Sheep Gut Condoms
What are they used for?
To prevent venereal
disease or pregnancy
When were they used?
Around the Victorian Era
How to make them (as of 1824):
Ordinary Condoms (otherwise known as Armour, Baudruches, Redingotes Anglaises):
First, take a sheep’s small intestine. Soak it in water for several hours. Turn it inside out, and then mash it gently in weak alkaline. Change the alkaline solution every 12 hours (For personal use of just a few condoms, don't bother changing the weak alkaline solution. Mashing needn't take that long. Unless you're a really horny bugger and need a lot of them, or are planning on going into the business of producing sheep gut condoms.). Scrape it carefully to removed the mucous membrane, leaving the peritoneal and muscular coats. Expose it to the vapour of burning brimstone, then wash it with soap and water. Blow it up, dry it, cut to a length of 7-8 inches, and finally border it at the open end with a ribbon (or riband, as the Victorians would have said).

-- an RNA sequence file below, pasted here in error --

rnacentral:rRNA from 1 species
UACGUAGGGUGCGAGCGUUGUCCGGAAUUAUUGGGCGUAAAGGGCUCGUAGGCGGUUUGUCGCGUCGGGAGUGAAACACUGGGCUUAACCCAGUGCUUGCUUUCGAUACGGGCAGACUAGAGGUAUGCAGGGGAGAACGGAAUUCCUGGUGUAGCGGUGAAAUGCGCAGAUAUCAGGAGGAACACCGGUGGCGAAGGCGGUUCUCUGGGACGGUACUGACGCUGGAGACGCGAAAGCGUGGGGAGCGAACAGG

Soak the intestine in a weak lye solution. Turn it inside out, and then prepare it as before. Soak in lye again, apply brimstone, draw out smooth upon oiled moulds of a proper size, with the external coat of the gut next to the mould.
Soak it for 24 hours, changing the water twice. Carefully dress it with a sharp knife. Soak in hard water for 3 days, changing the water often. Dry it with a clean cloth, scent it with essences, and stretch it on a glass mould. Finally, rub it with a glass to polish it.
Baudruches superfine doubles:
When the intestine is in its moist state on the mould, another similarly prepared moist condom should be drawn over the first. The two insides will adhere together.
Condoms should be soaked in water before use to make them supple
Reinterpreted from http://homepages.primex.co.uk/~lesleyah/condoms.htm